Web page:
Oscar-winning British director and actor Richard Attenborough has died, aged 90.
Lord Attenborough was best known for the historical epic Gandhi (1982), which won him two Academy Awards, for best director and (as the film’s producer) for best picture. As an actor, some of his most famous films include Brighton Rock (1947), The Great Escape (1963) and Jurassic Park (1993). He was Chairman of the BFI from 1981 to 1992.
Richard Samuel Attenborough was born in 1923 in Cambridge. His brother David is the renowned BBC naturalist. After an apprenticeship at RADA, his major film breakthrough came playing vicious spiv Pinkie in the 1947 film of Graham Greene’s Brighton Rock — a role he’d previously played on the West End stage.
He moved into film producing in the late 1950s when, in partnership with director Bryan Forbes, he set up Beaver Films, producing The Angry Silence (1960) and Whistle down the Wind (1961).
Attenborough made his directorial debut with 1969’s Oh! What a Lovely War, an ambitious musical satire set during the First World War. His second film, Young Winston (1972), charted the early years of Winston Churchill’s life, while 1977’s A Bridge Too Far was a wartime epic stretched across an even bigger canvas and featuring a massive all-star cast.
Before the acclaim for Gandhi, Attenborough made a smaller film that proved his capacity for making thrillers as well as history pieces: Magic (1978) starred Anthony Hopkins on chilling form as a deranged ventriloquist.
Based on the life of South African activist Steve Biko, Cry Freedom was a rare 1980s film that turned a critical eye on apartheid, while in the 1990s the director made a number of biographical films on famous subjects: Chaplin (1992), starring Robert Downey Jr as the eponymous silent film comedian; Shadowlands (1993), based on the life of C.S. Lewis; and In Love and War (1996), a First World War love story about the young Ernest Hemingway.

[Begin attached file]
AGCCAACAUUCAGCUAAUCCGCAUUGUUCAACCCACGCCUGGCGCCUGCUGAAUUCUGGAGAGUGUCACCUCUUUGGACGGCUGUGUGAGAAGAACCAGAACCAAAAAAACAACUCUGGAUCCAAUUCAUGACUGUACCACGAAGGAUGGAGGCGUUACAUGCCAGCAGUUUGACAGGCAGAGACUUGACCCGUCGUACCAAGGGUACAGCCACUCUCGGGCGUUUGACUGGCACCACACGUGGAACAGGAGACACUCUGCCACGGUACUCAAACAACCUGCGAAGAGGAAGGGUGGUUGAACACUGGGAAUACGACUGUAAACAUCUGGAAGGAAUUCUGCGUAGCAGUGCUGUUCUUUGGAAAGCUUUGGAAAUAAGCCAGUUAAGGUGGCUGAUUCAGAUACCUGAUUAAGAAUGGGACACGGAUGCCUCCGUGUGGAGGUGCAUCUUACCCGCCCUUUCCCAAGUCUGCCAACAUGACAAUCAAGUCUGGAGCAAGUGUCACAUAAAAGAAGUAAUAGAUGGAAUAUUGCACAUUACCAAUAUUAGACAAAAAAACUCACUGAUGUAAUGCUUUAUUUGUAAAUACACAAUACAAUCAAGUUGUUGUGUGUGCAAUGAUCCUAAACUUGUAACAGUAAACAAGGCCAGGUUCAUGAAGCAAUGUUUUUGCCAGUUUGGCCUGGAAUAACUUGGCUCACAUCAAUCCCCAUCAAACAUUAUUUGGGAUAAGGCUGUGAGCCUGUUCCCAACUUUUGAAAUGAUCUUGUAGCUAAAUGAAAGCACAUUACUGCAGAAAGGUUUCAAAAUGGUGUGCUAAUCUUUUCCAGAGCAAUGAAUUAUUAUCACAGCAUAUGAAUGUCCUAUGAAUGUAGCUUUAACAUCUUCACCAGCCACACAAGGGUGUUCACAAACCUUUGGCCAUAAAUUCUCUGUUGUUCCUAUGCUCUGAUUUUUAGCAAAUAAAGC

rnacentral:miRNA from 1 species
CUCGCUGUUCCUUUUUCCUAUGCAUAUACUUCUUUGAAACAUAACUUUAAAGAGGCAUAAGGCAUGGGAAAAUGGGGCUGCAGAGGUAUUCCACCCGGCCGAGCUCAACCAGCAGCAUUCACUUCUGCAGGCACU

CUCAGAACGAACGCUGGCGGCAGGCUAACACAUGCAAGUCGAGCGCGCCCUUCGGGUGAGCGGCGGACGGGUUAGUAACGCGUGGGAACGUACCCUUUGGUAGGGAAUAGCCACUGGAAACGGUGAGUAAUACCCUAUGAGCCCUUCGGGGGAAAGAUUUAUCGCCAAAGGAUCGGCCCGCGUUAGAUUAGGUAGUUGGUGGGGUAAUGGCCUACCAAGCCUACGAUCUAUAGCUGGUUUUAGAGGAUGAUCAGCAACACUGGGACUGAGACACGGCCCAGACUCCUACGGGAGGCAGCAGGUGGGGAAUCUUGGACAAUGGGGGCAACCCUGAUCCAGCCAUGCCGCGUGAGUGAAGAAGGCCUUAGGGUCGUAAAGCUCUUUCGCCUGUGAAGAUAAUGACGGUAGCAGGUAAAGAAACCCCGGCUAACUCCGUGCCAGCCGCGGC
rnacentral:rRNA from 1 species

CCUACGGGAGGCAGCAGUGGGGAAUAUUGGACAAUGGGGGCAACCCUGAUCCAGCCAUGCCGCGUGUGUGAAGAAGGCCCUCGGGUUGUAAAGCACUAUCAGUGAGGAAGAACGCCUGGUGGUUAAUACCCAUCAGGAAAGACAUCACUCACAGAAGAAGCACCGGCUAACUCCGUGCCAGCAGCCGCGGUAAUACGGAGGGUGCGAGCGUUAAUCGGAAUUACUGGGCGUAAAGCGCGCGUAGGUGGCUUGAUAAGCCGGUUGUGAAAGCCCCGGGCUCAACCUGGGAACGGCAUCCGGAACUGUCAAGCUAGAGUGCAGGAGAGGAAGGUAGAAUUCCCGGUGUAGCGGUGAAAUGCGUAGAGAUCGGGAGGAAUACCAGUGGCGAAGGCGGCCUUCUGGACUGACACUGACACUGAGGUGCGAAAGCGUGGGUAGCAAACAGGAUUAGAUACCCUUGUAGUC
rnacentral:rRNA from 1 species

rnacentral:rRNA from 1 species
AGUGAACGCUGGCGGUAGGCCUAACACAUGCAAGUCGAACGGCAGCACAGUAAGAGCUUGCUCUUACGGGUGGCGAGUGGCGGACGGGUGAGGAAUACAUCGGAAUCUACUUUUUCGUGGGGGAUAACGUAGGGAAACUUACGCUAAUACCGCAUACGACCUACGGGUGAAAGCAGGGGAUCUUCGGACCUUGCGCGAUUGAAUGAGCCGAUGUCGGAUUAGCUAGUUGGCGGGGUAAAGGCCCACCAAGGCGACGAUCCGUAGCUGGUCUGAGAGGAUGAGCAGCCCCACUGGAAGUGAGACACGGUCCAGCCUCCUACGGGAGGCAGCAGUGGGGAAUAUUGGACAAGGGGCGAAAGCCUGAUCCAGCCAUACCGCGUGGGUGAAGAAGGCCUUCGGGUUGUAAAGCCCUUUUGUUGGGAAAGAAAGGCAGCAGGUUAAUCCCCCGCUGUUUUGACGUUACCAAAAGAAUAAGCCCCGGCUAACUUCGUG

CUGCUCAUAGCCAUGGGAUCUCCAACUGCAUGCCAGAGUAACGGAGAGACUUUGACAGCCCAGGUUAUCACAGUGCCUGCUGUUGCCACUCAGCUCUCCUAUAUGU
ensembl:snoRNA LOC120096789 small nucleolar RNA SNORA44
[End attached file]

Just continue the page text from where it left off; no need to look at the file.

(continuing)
Knighted in 1976, Attenborough was made a life peer in 1993. His final film, Closing the Ring (2007), is a wartime romance starring Shirley Maclaine and Christopher Plummer.
BFI CEO Amanda Nevill says:
The world has lost a very, very special person. Lord Attenborough was multi-talented as an actor, producer and world-class film director, but he was also a warm, compassionate and empathetic man and a friend to all those who met him. He loved the art and culture of film and was a tremendous advocate for every part of it, not least for the BFI where he was chair for 13 years, as well as for the British film industry, playing a major part in enabling it to attain and hold the position it has today as a world-leader. His support for individuals whether they were starting out in the industry or accomplished professionals such as himself, knew no bounds and his legacy will continue to be an inspiration for generations to come. We are all saddened.
Highlights from Richard Attenborough’s career as director
Long established as a leading man in British cinema, Attenborough made his directorial debut with 1969’s Oh! What a Lovely War, a musical satire about the First World War based on a stage play of the same name.
Attenborough continued to document British history with Young Winston, a 1972 biopic of Winston Churchill in his early years.
He marshalled an all-star cast – including Robert Redford, Michael Caine, Dirk Bogarde and Sean Connery – for the wartime epic A Bridge Too Far (1977), about the failure of Operation Market Garden during World War II.
Here Attenborough talks with Michael Caine (who plays Lieutenant-Colonel J.O.E. Vandeleur) on location for A Bridge Too Far.
Attenborough behind the camera for his epic 1982 biopic of Gandhi.
Attenborough and Ben Kingsley with their Oscars for Gandhi.
Showing the dancers how it’s done in production for the 1985 musical A Chorus Line.
Directing dancer Alyson Reed for A Chorus Line.
On set for his apartheid drama Cry Freedom (1987), starring Denzel Washington.
With Robert Downey Jr (as Charlie Chaplin) on the set of his 1992 biopic Chaplin.
Directing Anthony Hopkins (as author C.S. Lewis) on location for his poignant 1993 drama Shadowlands.
Attenborough returned to the subject of the First World War for 1996’s In Love and War, starring Chris O’Donnell as Ernest Hemingway and Sandra Bullock as the nurse with whom he falls in love.
Directing Grey Owl (1998), Attenborough’s drama starring Pierce Brosnan as a former British schoolboy who becomes a Native American trapper.
On location for his most recent film, the 2007 drama Closing the Ring, starring Shirley MacLaine and Christopher Plummer.